Pakistan sceptical over al Qaeda leader’s death

Reluctance to confirm may stem from added US pressure to eliminate ‘terrorist havens’.

Kamran Yousaf August 29, 2011


Pakistan has refused to confirm claims by the US that al Qaeda’s second-in-command was killed last week in the tribal belt, bordering Afghanistan.

Washington announced on Saturday that Attiya abd al Rahman has been killed in North Waziristan Agency on August 22. However, it did not divulge the circumstances of his death.

Libyan national Rahman, who was in his late 30s, was a senior al Qaeda figure and among the list of most wanted men that the US handed over to Pakistan following Osama bin Laden’s death in May.

Pakistani security officials, on the other hand, were doubtful over the US claims, saying they had no compelling evidence to suggest that he was killed. “The US may have evidence but we are not sure about his death,” a senior military official told The Express Tribune, requesting anonymity. “It is always very difficult to verify such high-profile killings in an area where the situation is so fluid,” he said.

Intelligence sources have said they need ‘hard evidence’ to confirm whether Rahman was indeed in the country’s tribal belt. Analysts say the security establishment’s reluctance to confirm the US claims may stem from the fact that it will put Pakistan under further pressure to eliminate ‘terrorist safe havens’ from tribal areas.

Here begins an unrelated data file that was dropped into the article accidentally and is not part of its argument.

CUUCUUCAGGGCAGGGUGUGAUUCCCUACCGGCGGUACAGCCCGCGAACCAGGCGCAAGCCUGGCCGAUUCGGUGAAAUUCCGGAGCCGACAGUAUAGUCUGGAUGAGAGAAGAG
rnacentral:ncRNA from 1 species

A senior Pakistani security official in Peshawar told AFP: “We have checked this news report with informers and have worked on it. I doubt the authenticity of this news.”

Another security official in Miramshah said he had received no information on the killing. “For me it is just a rumour. Frankly speaking, we are not even aware that a man with this name is working as deputy chief of al Qaeda,” he added.

Officials said the mountainous area is inaccessible. “In such cases we rely on informers. We have not received any such report,” a security official in Mir Ali town, North Waziristan, told AFP.

Published in The Express Tribune, August 29th,  2011.